Gov. Larry Hogan will allow the first portion of money earmarked for a major expansion in education funding to become law without his signature.
In a letter sent to leaders of the Maryland General Assembly, the second-term Republican said he would release $255 million as a down payment on funding recommended by a blue ribbon panel known as the Kirwan Commission. However, Hogan expressed concerns about the costs of the program and whether it includes adequate academic accountability measures.
“Education has been — and continues to be — my top priority,” Hogan said in the letter. “However, I have significant reservations about your short-sighted methods for implementing the Kirwan Commission’s final recommendations — namely that they will lead to massive increases in expenditures without providing the fiscal safeguards and much-needed accountability our students, parents, teachers, and taxpayers deserve.”
The funding for the fiscal year that begins July 1 is the first portion of a two-year plan sometimes referred to as “year zero.” Money in the upcoming budget year is earmarked for pre-kindergarten education, teacher raises and community schools for impoverished areas.
As part of the bill Hogan is allowing to become law, a minimum of $370 million will be earmarked for the recommendations in fiscal 2021. The amount could increase to as much as $500 million if lawmakers can identify a funding source.
One potential source is revenue lawmakers hope will come to the state as a result of a Supreme Court ruling that opened the door for states to collect sales taxes on online purchases.
Senate President Thomas V. Mike Miller Jr. and House Speaker Adrienne Jones, in a joint statement, expressed disappointment for Hogan’s refusal to sign the law but said they appreciated that he did not veto the bill, either.
“We are heartened to see your administration’s concern about making certain that the blueprint is fully funded, and we ask you to help us find a path forward on this issue,” the legislative leaders wrote, adding they would ask the Kirwan Commission to schedule an October meeting and invite the governor to attend and make recommendations for funding.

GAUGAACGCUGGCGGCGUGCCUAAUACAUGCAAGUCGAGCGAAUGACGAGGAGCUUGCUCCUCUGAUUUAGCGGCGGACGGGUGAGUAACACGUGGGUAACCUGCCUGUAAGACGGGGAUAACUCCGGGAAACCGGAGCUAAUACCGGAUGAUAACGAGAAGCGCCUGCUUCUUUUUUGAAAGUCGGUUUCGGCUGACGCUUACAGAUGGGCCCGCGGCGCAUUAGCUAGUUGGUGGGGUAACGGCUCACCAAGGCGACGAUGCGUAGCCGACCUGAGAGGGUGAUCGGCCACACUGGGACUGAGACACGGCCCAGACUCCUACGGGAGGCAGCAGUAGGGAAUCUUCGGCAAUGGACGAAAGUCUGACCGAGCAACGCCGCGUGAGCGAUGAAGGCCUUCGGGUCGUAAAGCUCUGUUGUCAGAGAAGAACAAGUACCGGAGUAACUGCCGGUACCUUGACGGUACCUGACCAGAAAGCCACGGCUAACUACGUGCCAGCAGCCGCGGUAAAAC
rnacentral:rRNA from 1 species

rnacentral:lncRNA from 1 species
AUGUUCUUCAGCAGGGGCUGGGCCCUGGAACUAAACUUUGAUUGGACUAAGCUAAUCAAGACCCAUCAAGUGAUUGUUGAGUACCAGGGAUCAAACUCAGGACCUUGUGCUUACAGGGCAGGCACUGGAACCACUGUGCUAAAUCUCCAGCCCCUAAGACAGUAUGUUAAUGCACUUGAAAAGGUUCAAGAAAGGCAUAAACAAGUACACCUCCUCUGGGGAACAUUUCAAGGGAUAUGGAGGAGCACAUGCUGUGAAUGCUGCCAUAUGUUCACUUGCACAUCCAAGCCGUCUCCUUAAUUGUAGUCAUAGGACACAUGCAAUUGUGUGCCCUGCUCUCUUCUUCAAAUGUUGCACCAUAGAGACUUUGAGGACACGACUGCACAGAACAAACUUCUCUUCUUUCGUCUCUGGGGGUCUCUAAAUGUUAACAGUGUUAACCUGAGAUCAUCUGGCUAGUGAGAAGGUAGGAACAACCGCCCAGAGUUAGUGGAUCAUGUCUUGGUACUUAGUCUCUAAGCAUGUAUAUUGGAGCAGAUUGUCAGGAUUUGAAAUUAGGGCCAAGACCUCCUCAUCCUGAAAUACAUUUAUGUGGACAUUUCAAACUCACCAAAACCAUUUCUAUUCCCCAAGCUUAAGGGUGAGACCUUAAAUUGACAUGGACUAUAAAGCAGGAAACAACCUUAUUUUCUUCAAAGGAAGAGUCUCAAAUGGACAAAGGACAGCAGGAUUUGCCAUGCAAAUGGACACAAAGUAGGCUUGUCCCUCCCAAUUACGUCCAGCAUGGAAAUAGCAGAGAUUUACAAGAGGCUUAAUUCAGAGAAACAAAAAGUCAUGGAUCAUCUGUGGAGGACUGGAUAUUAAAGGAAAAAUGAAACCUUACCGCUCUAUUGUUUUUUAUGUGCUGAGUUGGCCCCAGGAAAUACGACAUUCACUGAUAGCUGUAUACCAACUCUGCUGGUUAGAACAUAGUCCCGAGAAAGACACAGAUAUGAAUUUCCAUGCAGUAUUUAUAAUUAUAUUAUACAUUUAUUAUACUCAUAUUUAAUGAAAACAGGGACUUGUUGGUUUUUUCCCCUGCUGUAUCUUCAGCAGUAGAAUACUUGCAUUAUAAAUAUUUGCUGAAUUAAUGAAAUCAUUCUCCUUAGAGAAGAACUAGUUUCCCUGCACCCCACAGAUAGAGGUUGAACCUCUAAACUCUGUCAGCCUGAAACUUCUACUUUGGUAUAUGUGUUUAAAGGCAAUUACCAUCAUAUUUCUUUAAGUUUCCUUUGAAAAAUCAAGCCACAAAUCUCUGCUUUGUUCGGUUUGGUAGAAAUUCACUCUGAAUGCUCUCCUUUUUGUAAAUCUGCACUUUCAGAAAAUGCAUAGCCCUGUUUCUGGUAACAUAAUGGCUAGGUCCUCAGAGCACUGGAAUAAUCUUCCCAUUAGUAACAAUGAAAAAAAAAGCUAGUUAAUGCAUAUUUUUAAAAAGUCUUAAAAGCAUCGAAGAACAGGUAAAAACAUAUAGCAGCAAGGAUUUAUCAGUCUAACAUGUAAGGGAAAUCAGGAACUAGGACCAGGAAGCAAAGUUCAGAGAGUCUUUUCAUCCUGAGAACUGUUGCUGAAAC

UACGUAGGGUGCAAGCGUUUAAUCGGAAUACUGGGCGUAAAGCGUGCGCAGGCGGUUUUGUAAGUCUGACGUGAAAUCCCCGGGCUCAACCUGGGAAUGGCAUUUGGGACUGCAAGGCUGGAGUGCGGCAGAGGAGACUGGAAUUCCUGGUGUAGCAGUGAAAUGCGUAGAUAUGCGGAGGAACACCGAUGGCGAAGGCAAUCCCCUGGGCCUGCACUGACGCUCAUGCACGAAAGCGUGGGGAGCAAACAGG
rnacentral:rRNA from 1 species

But Hogan remains skeptical about the link between funding and student achievement.
Ultimately, the Kirwan proposal is expected to increase education spending to more than $4 billion annually once it is fully phased in over a decade beyond the “year zero” funding.
Hogan has repeatedly expressed concerns over the eye-popping cost of the proposal, which represents a 20 percent increase in the current general fund budget of nearly $20 billion.
Hogan said such an increase, for which neither legislators nor the commission have identified a funding source, would cost Maryland households $6,200 in additional taxes over five years.
“As we have seen in the past, more funding does not always equate to better results,” Hogan wrote, referring to testing results and the performance gap between white and black students following passage of the Thornton education funding formula in 2002 that pumped more than $1.3 billion annually into public schools.
Cheryl Bost, president of the Maryland State Education Association, said she was surprised Hogan would decline to sign a bill that was also supported by Republicans in the House and Senate. The bill passed by veto-proof majorities in both chambers.
“We know this funding will go to these dedicated purposes because of strong accountability measures in the law. In addition to including Governor Hogan’s proposal of creating an inspector general for education, the bill requires audits of school systems on a broad array of matters including ‘fraud, waste, and abuse,’” said Bost, leader of the state’s largest teacher’s union. “This is just the beginning of an accountability plan developed by the Kirwan Commission that will ensure any additional funding for education is spent on research-based, student-centered policies recommended by the commission and passed into law by the legislature.”